The statutory definition for "substantial fault" is as follows:
For purposes of this paragraph, "substantial fault" includes those acts or omissions of an employee over which the employee exercised reasonable control and which violate reasonable requirements of the employee's employer....Unlike for "misconduct," in which the Wisconsin legislature expressly set forth specific employee actions that constitute "misconduct," the legislature set forth three (3) acts or omissions by employees that do not constitute substantial fault:
1. One or more minor infractions of rules unless an infraction is repeated after the employer warns the employee about the infraction.In the appeal that will be discussed, the terms "inadvertent errors" and "infractions" come into play. Under the Wisconsin Court of Appeals rules of statutory construction, when the legislature uses different terms within the same statute, they intend the terms to have distinct meanings. Whereas "error" is defined in Wisconsin statute, "infraction" is not.
2. One or more inadvertent errors made by the employee.
3. Any failure of the employee to perform work because of insufficient skill, ability, or equipment.
Lela M. Operton v. LIRC, et al.
Lela Operton worked as a full-time service clerk for Walgreens from July 17, 2012 until her termination on March 24, 2014. As a service clerk, Operton average hundreds of cash handling transactions per day during her 20 months of full-time employment, or an estimated 80,000 transactions. Operation was well-liked by Walgreens, who described her work and demeanor as "conscientious," "always on time," "worked to the best of her ability," and willing to work on her days off. However, Operton made eight (8) "cash handling errors" during her 20 months with Walgreens that led to her termination which was labeled as "cash handling errors" and "her failure to improve on them." Walgreens acknowledged that the cash handling errors were not intentional nor performed with any ill will on the part of Operton.
Operton applied for unemployment benefits and Walgreens opposed Operton's application claiming that she "was discharged for violation of a reasonable company policy regarding excessive cash discrepancies" which was as a result of her "incapacity to perform." The Department of Workforce Development ("DWD") initially denied benefits to Operton on the grounds of "misconduct." Operation appealed this initial determination and an administrative evidentiary hearing was held before an administrative law judge ("ALJ"). The ALJ concluded that Operton was ineligible for benefits not because she engaged in misconduct, but that her discharge was for "substantial fault." Operton appealed to LIRC, who affirmed the ALJ's decision and adopted the ALJ's decision as its own. LIRC also made a finding not included within the ALJ's decision: Operton's March 22, 2014 failure to check the customer's identification was a "major infraction." LIRC did not explain why the error was a "major infraction." Operton then filed for an appeal for judicial review to circuit court and the circuit court appealed LIRC. Operton then filed an appeal to the Wisconsin Court of Appeals.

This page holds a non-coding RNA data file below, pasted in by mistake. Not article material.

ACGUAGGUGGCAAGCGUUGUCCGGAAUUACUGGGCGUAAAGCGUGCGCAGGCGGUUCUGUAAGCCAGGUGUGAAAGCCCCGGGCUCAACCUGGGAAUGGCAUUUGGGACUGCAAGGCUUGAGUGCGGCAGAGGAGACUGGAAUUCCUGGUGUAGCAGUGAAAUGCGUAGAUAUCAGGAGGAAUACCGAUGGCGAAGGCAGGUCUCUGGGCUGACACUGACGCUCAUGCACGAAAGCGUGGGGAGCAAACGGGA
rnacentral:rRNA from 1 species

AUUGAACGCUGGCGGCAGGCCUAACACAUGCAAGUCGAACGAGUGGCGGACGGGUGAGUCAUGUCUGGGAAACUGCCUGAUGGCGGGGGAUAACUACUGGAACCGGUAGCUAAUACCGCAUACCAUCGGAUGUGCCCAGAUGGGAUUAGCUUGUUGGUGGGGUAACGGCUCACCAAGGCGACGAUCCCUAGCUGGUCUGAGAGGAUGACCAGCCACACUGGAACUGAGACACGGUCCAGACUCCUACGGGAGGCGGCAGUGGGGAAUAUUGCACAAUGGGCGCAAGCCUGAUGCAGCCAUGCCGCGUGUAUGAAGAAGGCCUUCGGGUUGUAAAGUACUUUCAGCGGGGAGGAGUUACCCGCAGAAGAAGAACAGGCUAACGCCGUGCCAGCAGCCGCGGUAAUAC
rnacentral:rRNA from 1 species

Wisconsin Court of Appeals Decision
The Court of Appeal ruled that de novo review is required as "substantial fault" is a completely new legal concept not previously in existence. LIRC was not applying an old statute in a new way; it was applying a new statute to a new concept. The application of the "substantial fault" statute is a matter of first impression before the Court of Appeals, and LIRC did not have a longstanding nor consistent history in the application and construction of the substantial fault statute (the Court noted two other cases dealing with substantial fault where LIRC arrived at results inconsistent with this case).
The Court of Appeals reversed LIRC for three (3) main reasons: 1) There was no evidence in the record that Operton committed a "major infraction," 2) Repeated inadvertent errors, even if warned, do not constitute "substantial fault," 3) Operton's conduct reflects a failure or ability to conform to Walgrees' expectations rather than "substantial fault." The Court of Appeals discussed each of these in great detail, which is beyond the scope of this post, but only furthers the famous saying, "the devil is in the details."
In concluding their opinion, the Court of Appeals stated that "[i]nadvertent errors, even if repeat after a warning, do not constitute substantial fault," that LIRC's finding that Operton's eight error was a "major infraction" has no support in the record, and Operton's failure to meet Walgreens expectations under the facts presented does not make Operton ineligible for unemployment benefits under Wisconsin Statute. The Court of Appeals reversed the circuit court's order affirming LIRC's decision and remanded for further proceedings consistent with this opinion.
While the definition and application of "substantial fault" is still developing and evolving, this case further shows that "substantial fault" will not apply to employees and terminations where the employee clearly was not making intentional mistakes or errors unless it's established that the employee was warned and made aware of these mistakes and errors and that more of them will result in discipline, up to and including termination. Thus, even if an employee made a dozen mistakes or errors that were of great cost to an employer, without clear warnings or evidence the employee was acting intentionally, misconduct nor substantial fault is likely to apply and the employee will likely be eligible for unemployment benefits.
The case is Lela M. Operton v. LIRC et al., 2016 WI APP 37 (April 14, 2016). The Milwaukee Journal Sentinel wrote about the case here.